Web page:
Social Security is incredibly complicated and gets even more complex when there are two of you. How and when each of you take benefits can affect your income as a couple by hundreds of dollars a month, yet according to Employee Benefit Research Institute’s 2018 Retirement Confidence Survey, only 23 percent of workers actually try to maximize their benefits by planning when to claim Social Security.

If you’re one of the 77 percent who haven’t planned ahead, I want to inspire you to take action. Because the rules regarding Social Security are so complex, I strongly suggest you talk to an expert about your particular circumstances, but to get you started, I’d like to answer a few questions I hear often:

How much can I receive in spousal benefits?

You can get a maximum of 50 percent of the amount your spouse would receive in benefits at his or her full retirement age. You cannot get half of your spouse’s benefits plus your own, so it only makes sense to take spousal benefits if yours are less than half of your spouse’s.

When should I take Social Security spousal benefits?

As with other Social Security retirement benefits, you can begin taking them at age 621, but if you do so, you will receive them at a permanently reduced rate, which is a percentage based on the number of months up to your full retirement age. If you wait to take spousal benefits until your full retirement age, you can receive 50 percent of the rate your spouse would receive at his or her full retirement age, even if he or she took benefits early at a reduced rate. Waiting past your full retirement age will not net you more in spousal benefits.

How can I determine my full retirement age?

The Social Security Administration website has a Retirement Age Calculator here.

What happens to our benefits when one of us dies?

As a surviving spouse, you can receive 100 percent of your deceased spouse’s benefits once you reach your full retirement age, or reduced benefits as early as age 60. If you had been taking the 50 percent spousal benefit, it would stop and you would begin receiving survivor’s benefits. Again, if you claim benefits—including survivor’s benefits—before reaching your full retirement age, they will be reduced and may be subject to the earnings test.

Your benefits could also be reduced by the Government Pension Offset (GPO) if you receive a retirement or disability pension from a federal, state, or local government based on your work in which you did not pay Social Security taxes.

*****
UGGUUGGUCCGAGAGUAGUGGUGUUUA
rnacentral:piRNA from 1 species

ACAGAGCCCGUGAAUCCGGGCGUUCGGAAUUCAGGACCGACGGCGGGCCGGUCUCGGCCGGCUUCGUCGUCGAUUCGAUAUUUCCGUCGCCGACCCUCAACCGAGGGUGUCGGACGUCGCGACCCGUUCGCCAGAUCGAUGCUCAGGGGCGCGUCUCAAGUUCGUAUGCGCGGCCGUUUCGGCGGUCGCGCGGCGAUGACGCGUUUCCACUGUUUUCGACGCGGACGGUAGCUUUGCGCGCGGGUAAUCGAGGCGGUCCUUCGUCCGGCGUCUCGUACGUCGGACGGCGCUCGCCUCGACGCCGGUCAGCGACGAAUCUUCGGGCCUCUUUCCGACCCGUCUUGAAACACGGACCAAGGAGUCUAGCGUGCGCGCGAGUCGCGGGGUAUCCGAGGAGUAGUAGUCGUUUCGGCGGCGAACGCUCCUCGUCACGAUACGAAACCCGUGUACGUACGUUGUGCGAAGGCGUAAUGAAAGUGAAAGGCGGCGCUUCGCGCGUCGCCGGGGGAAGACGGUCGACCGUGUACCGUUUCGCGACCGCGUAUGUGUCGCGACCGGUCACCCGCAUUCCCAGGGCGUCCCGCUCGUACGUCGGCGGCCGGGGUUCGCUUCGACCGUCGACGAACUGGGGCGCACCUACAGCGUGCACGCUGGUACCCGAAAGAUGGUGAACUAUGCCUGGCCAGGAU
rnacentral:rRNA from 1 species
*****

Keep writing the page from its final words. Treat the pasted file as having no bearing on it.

I’ve heard I can collect on my ex-spouse’s benefits. How does that work?

If you were married for at least 10 years, are not remarried before age 60, and both you and your ex-spouse are at least 62, you can file for spousal benefits. It does not matter whether your ex has remarried, and the fact that you file for spousal benefits will not impact your ex-spouse’s benefits. A few notes: The spousal benefit you’d collect from your ex must be greater than your own; your ex-spouse does not have to be collecting benefits for you to begin; and once again, if you begin collecting at age 62, your benefits will be permanently reduced.

What’s a restricted application?

Some people are allowed to take a spousal benefit while delaying their own benefits until age 70. For example, if you are eligible, you could take half of your spouse’s benefit, let your own grow until you are 70, and then switch to your larger benefit. You may only file a restricted application if you were born before Jan. 2, 19542. You also must have reached your full retirement age, and your spouse must already be collecting his or her own benefit.

As you can see, I needed to add footnotes to even the “simplest” questions, and there are many more exceptions and permutations that can affect your benefits. Even so, I hope I’ve answered a few of your questions, and more so, inspired you to plan ahead with your spouse so you can both get the most out of your Social Security in retirement.

  1. You may be able to take benefits earlier if you are caring for dependent children.
  2. There are some exceptions for people who are disabled or caring for dependent children.